Archive for April, 2016

Exactly What Do “Modifiable” and “Preventable” Mean?

April 30, 2016 — “Modifiable” and “preventable” are two words sprinkled freely in the scientific and policy literature on obesity. They can be subtly but profoundly misleading. A study recently published in JAMA Surgery analyzed the relationship between 25 “potentially modifiable” post-operative behaviors of bariatric surgery patients and weight outcomes three years after surgery. They found three behaviors that, depending […]

Exercise Strategies: Tortoise vs Hare

April 29, 2016 — Maybe slow and steady is not the only way to win the race for better fitness. A new, carefully randomized, controlled study in PLOS One finds that that one minute of intense physical activity in a ten-minute routine can do as much to improve your fitness as 50 minutes of more moderate exercise. Researchers from McMaster […]

Krispy Kreme Name to Be Struck from Children’s Clinic

April 28, 2016 — We should have known it wouldn’t last. The powers that be at UNC are apparently yielding to outside agitators who don’t understand the logic of putting Krispy Kreme into the name of their children’s specialty clinic. No more “Krispy Kreme Challenge Children’s Clinic.” In a UNC faculty meeting last week, the university announced that the new […]

Bernie Sanders: “Soda Tax Will Hurt Poor People”

April 27, 2016 — In the heated debate over soda taxes, traditional labels of conservative, liberal, progressive, and regressive just got a little more confusing. Bernie Sanders, the favorite of young, liberal voters is not backing down from saying that a Philly soda tax will hurt poor people and so he opposes it. In a Philadelphia town hall Monday […]

We Wish Childhood Obesity Were Declining

April 26, 2016 — Count us among the people who wish childhood obesity were declining. Unfortunately, the numbers are not cooperating. A new paper published today in Obesity by Asheley Skinner and colleagues presents a detailed analysis of childhood obesity trends in the latest NHANES analysis and finds “no evidence of a decline in obesity prevalence in any age […]

Social Status: Cause or Effect of Obesity?

April 25, 2016 — Could a rigged game of Monopoly give us insight into the complicated relationship between social status and obesity? Michelle Cardel and colleagues have published a new study in Physiology and Behavior that does precisely that. Mickey Stunkard first published landmark work on social factors and obesity more than 50 years ago. As Greg Pavella and colleagues […]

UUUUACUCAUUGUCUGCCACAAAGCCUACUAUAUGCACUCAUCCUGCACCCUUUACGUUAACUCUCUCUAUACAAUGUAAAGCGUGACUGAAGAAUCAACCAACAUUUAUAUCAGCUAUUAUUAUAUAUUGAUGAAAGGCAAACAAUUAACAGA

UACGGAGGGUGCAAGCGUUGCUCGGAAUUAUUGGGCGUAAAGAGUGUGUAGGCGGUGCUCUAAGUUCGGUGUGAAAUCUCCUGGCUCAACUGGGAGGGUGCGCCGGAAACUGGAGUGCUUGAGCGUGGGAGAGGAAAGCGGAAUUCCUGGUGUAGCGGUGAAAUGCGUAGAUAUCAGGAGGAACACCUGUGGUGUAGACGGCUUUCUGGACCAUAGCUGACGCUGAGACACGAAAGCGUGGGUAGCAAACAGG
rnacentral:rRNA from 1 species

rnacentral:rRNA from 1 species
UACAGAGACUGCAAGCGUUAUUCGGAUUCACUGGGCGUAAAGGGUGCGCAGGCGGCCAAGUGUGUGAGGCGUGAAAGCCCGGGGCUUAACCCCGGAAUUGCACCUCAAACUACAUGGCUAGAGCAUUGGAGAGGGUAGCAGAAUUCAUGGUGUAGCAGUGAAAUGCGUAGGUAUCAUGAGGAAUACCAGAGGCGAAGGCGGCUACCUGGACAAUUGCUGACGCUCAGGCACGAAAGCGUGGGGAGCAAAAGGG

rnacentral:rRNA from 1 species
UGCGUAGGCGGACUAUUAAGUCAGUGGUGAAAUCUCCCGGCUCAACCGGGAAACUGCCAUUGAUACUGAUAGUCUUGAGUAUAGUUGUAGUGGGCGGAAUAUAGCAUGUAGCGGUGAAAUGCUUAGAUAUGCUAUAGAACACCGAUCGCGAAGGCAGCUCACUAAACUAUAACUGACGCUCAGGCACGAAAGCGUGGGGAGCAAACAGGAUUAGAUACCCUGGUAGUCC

Give Me the All-Natural Fat, Sugar, and Salt

April 24, 2016 — Diet soda? No thanks. Slow-churned, low-fat ice cream? Give us the full-fat stuff. Bacon? Please. Himalayan pink sea salt? Sprinkle generously. More and more, American consumers are looking for all-natural fat, sugar, and salt in their foods. No more diet factory food for us. Edy’s Grand full fat ice cream is up 10%, while their […]

Two Strategies for Reversing Type 2 Diabetes

April 23, 2016 — This is an exciting time for work on the challenge of reversing type 2 diabetes. Two new studies came at this problem from distinctly different directions and both of them delivered some tantalizing results. A small study (30 patients) of a very low calorie liquid diet (VLCD) for eight weeks showed that patients lost an […]

Time for a Brain Cleanse?

April 22, 2016 — The continuing appeal of juice cleanse and detox products is a mystery. Amazon lists 2,785 detox and cleanse products in this vibrant weight loss category. Yet no evidence for a meaningful health benefit from colon cleanse products exists. The human colon does not need cleansing. As a matter of fact, the microbiome that lives in the colon does […]

Mistakes Were Made (But Not by Me)

April 21, 2016 — Mistakes happen. Every scientific study has weaknesses. Research on obesity, nutrition, and physical activity is hardly exempt. Sometimes errors and flaws are only discovered after publication. Usually the errors are handled gracefully. An erratum is published and sometimes a paper is withdrawn. But even smart scientists are susceptible to the human impulse for self-justification. The impulse is aptly described by […]